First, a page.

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Sally Field: An Osteoporosis Story

The actress known for playing strong women tells of her battle against a bone-thinning disease.

Osteoporosis: How It Happens continued...

In women, however, the process of loss is accelerated further, thanks to the dramatic drop in estrogen that occurs at the time of menopausemenopause. What's the link?

"Estrogen is what is known as a 'resorptive.' It actually helps slow bone loss from occurring," says Goldstein.

Unfortunately, when levels plummet -- as they do during menopause -- bone loss speeds up, leaving many women at high risk for osteoporosis.

For awhile, hormone replacement therapy (HRT) came to the rescue. In fact, it worked so well that in addition to recommending it for hot flasheshot flashes and mood swings, many doctors regularly prescribed estrogen for its bone-protecting qualities.

It has been a few years since it was learned that hormone replacement therapy might be doing more harm than good. That was when a major government trial, known as the Women's Health Initiative (WHI), linked the long-term use of combined estrogen and progestin as menopausal therapy to an increased risk of heart diseaseheart disease, as well as strokestroke and breast cancerbreast cancer.

Field says taking HRT helped her bones as well. It was when she stopped, however, that she says her bone problems really took hold.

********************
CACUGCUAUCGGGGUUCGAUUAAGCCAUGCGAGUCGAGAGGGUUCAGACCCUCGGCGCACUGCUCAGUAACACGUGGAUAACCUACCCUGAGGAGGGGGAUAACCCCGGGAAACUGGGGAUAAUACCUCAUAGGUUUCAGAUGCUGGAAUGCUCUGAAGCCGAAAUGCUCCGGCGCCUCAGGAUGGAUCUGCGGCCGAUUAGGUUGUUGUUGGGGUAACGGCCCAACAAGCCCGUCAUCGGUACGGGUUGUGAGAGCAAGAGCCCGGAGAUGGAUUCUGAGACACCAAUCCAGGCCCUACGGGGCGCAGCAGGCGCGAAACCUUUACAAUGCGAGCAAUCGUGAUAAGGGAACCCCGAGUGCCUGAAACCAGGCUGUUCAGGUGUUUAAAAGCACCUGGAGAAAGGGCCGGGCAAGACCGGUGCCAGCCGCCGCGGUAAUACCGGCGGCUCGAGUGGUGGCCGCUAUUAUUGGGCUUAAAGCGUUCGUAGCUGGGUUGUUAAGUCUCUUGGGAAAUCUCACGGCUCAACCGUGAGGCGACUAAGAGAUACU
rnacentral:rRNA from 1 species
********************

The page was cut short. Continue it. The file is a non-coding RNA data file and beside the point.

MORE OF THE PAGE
"When I completely went off HRT, my bone densitybone density took a really big dive and my doctor noticed it," says Field.

Since tests showed she was also low on vitamin D -- necessary to utilize calcium -- her doctors also recommended vitamin D supplements. While Field was hopeful they would work, those hopes were soon dashed.

"Eight months later, we tested again -- and the bone mass went down even more significantly," Field tells WebMD.

It was then that her doctor told her she had developed osteoporosis.

"It was the full-fledged condition. No longer just a risk, it happened," says Field.

Getting Treated

While some might take the news simply as a sign of getting older, Field had other ideas. Taking a decidedly proactive stance, she was determined to learn all she could about osteoporosisosteoporosis -- and to do whatever it took to stop it from affecting her life.

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